09 Aug PeaceTraining.eu Approach to Training
Based on Knowles (2011) and Lederach (1995), we suggest trainers, training decision-makers and organizers consider the following aspects in their approach to ensure an effective, participant-driven and inclusive peace training – no matter if for military, police or civilian training programmes.
SAFE. COLLABORATIVE. COMFORTABLE. STIMULATING. ELICITIVE.
- Put the participants at ease: Room set up should not indicate passivity of learners or superiority of trainer (e.g. seating arrangement in a circle or ‘cabaret’ style (group tables) and not rows with trainer at the front).
- Familiar music or relaxing music on the background can help.
Arranging the room walls with the results of participant’s work to show appreciation for their contributions.
The training process includes:
- Preparation phase (including pre-training needs assessment, design & development of course, recruiting participants).
- Implementation (including delivery and debriefing / reflection).
Evaluation and follow up, including assessment of outcomes and impact.
SAFE SPACES. RESPECT. AVAILABILITY OF REFLECTIVE / PERSONAL SPACES. MECHANISMS OF SUPPORT.
- Trainer should be respectful of participants, accepting, supportive (e.g. being open to individual consultation when problem arises).
- Trainer should be sensitive to culture, conflict, gender and power dynamics amongst participants and be aware of the possibility of re-traumatisation through content or certain use of training method.
- Availability of the trainer to offer support or the availability of a coach
A trainer’s enthusiasm and openness is important to making learning fun
Laying the Groundwork
OPENNESS. ENTHUSIASM. RESPECT. DIVERSITY.
- The participants need to get to know each other. Introductions (name games, icebreakers) can foster a sense of community amongst the group.
- A trainer should set ground rules with the participants in order to create a safe space. Rules can include: confidentiality (Chatham House Rule), no judging, ensuring equal participation and effective, nonviolent communication (i.e. no interrupting, no name calling). This helps to instil attitudes and values of respect and equality within the training.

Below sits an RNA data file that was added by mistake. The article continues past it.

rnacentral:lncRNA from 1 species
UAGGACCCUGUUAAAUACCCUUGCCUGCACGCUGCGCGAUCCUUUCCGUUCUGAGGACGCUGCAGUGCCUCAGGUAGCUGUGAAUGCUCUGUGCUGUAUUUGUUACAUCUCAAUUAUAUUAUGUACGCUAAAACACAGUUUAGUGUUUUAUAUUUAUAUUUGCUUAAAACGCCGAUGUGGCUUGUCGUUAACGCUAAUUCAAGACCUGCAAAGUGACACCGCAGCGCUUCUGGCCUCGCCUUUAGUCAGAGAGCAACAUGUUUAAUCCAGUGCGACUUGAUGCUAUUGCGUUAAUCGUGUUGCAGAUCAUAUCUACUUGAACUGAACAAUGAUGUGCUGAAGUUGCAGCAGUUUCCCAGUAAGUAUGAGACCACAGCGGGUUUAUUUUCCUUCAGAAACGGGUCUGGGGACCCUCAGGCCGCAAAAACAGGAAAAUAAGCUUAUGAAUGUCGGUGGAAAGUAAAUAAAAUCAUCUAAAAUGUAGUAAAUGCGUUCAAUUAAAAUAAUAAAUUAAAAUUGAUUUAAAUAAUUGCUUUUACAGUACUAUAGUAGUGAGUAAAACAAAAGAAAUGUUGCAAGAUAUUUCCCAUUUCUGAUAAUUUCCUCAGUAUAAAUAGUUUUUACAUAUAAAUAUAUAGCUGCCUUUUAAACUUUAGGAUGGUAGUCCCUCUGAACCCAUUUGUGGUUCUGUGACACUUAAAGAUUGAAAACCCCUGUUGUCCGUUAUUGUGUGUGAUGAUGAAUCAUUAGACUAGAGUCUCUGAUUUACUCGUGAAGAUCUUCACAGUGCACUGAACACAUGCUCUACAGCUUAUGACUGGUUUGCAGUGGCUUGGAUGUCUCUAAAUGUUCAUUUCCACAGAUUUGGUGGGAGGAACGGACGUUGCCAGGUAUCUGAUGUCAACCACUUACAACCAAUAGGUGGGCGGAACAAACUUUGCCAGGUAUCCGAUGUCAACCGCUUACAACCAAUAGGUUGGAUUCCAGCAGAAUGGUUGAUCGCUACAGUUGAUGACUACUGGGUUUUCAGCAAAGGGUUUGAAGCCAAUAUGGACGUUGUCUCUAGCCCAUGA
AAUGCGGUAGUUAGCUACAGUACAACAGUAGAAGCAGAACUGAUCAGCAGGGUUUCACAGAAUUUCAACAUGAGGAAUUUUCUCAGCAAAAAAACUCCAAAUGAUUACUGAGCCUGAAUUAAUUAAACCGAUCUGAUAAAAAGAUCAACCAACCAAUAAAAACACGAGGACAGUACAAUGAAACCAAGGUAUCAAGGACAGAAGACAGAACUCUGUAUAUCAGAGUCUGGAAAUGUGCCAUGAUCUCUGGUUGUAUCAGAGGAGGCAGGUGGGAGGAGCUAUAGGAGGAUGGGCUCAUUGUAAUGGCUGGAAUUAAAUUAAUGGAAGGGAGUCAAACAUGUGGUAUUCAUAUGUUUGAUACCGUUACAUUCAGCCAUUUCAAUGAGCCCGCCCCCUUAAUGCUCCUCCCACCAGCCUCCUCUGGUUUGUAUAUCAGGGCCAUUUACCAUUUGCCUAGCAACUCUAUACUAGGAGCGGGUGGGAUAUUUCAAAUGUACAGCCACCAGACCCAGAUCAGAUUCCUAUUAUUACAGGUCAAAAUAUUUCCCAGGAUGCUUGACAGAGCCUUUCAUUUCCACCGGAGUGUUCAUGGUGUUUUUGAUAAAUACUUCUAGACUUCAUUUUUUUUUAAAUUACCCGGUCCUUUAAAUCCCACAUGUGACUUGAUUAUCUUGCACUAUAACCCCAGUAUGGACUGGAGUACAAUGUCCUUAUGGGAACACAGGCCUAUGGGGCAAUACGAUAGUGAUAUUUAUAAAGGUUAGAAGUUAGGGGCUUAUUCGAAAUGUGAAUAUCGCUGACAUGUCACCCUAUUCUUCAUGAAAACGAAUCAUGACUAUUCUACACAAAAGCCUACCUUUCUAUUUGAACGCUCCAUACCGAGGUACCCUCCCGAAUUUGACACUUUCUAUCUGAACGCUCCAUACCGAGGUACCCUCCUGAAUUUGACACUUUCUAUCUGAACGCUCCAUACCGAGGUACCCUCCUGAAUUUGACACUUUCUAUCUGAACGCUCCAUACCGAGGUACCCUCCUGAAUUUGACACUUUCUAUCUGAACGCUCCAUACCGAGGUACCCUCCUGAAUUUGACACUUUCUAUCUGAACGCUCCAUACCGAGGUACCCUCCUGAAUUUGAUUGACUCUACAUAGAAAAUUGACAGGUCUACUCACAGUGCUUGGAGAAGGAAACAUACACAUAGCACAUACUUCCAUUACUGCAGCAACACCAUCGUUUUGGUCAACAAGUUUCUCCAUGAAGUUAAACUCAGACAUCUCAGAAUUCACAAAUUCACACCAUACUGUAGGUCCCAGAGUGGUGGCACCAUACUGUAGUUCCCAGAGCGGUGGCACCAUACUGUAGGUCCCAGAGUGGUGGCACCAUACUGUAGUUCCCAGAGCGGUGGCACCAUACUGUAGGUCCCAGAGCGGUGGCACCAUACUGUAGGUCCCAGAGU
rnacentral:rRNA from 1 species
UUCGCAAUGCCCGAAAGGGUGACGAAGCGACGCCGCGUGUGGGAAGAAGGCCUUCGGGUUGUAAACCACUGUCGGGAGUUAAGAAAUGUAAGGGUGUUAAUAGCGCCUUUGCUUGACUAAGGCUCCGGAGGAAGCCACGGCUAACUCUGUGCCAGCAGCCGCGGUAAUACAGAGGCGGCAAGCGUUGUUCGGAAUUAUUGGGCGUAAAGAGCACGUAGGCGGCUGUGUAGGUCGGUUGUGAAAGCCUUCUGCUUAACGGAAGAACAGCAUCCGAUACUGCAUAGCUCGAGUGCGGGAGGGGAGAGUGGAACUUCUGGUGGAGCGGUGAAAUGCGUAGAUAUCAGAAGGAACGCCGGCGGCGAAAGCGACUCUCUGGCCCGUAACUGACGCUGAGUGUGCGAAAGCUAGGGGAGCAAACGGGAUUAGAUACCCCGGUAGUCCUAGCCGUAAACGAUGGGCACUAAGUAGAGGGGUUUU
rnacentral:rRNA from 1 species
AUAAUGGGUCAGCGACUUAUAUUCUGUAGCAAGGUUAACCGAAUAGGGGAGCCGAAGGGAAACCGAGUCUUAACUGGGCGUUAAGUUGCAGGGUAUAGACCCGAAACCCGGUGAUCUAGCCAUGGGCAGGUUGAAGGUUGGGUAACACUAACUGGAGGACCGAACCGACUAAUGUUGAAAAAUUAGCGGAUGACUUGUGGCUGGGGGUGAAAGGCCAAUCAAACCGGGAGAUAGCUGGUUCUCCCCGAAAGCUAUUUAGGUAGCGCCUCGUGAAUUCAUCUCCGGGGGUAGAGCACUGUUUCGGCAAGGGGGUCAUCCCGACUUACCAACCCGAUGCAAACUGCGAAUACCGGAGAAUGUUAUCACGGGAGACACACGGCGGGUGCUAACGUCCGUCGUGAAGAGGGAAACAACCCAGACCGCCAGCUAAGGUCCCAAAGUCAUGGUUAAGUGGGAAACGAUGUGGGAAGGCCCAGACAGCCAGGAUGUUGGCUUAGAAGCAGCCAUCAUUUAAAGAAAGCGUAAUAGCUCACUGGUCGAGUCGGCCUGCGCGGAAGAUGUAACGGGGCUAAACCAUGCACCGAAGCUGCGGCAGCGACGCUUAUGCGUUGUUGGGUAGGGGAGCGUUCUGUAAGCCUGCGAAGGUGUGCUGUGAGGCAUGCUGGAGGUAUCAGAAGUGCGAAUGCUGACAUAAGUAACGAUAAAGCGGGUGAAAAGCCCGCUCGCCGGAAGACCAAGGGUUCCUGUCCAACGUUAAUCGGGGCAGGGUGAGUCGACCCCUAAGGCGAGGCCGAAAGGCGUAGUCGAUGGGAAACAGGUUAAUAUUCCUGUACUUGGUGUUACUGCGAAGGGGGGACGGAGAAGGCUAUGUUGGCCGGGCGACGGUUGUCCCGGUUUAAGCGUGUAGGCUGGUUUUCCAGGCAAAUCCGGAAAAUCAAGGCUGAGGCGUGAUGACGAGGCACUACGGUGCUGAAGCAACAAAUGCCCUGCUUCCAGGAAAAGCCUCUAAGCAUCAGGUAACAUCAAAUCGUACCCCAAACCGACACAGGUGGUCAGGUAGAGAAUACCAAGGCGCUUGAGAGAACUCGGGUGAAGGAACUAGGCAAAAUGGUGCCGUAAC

Trainer respects time (not running over) and allows for breaks.
Who directs Learning
CO-CREATION. EMPOWERMENT. OWNERSHIP. RESPECT FOR DIFFERENCES.
- Learning is directed by the participants, trainers and training providers.
- Participants have ownership and agency. Listen and adapt to emerging needs.
Methods of delivery are participatory and trainer open for feedback and ideas of participants.
Role of Trainer and ‘Understanding of self’
PROFESSIONALISM. GUIDANCE. EMPATHY. EQULAITY.
- Trainer models equality and respect for diversity.
- Trainer acts as mentor and coach.
- Trainer is aware of participants’ backgrounds and training needs.
- Trainer is sensitive and responsive to group dynamics.
- Trainer involves participants in planning, debriefing, and evaluation.
- Trainer is self-reflexive and aware of their own biases.
Ideally, work in training teams, especially teams that are gender-balanced and represent diverse backgrounds, can promote self-reflexivity.
Source of Knowledge
BOTTOM-UP. DIVERSE (NOT ONE-FITS-ALL).
- Participants and trainers both bring knowledge to the training.
Trainers may invite subject matter experts (SMEs) to share their expertise in a particular skill, subject area or local context. The SMEs may not have didactical skills, but they may provide valuable input. It is the trainer’s responsibility to ensure that the SMEs fits the learning objectives and appropriately integrates their materials into the training.
ELICITIVE. PARTICIPATORY. INCLUSIVE. SENSITIVE. DIVERSE.
- The training methods model the principles and actions that are described and promoted throughout the content (collaborative, dialogical, reflective etc.).
- Methods are sensitive to gender / culture / conflict / learning needs / local context.
Utilise learner’s experience and encouraging input from participants through activities such as brainstorming, games, and discussions.
RESPECTFUL. NON-JUDGEMENTAL. EMPATHETIC.
- Trainers can promote respectful communication throughout discussion and model values of empathy, respect and being non-judgemental.
- They can promote equal power dynamics by ensuring that no one dominates the discussion and encouraging quieter people to speak. The trainer can facilitate learning by stimulating reflection and dialogue, using open-ended questions.
- Trainers display sensitivity through challenging any discriminatory behaviour or comments. Problematic and challenging topics should not be avoided but given the space for discussion.
Materials used should be representative of diverse perspectives and promote understanding of and empathy for marginalised populations.
CONSOLIDATION. INTEGRATION. TRANSFORMATION.
- Creating a forum that consolidates learning, stimulates self-awareness raises consciousness, and furthers understanding of group processes.
- Guided reflection can involve integrating experiences with understanding and creating a space for introspection.
Reflection can occur in large or small groups, in pairs, or individually. The trainer may prepare open-ended questions to stimulate thinking.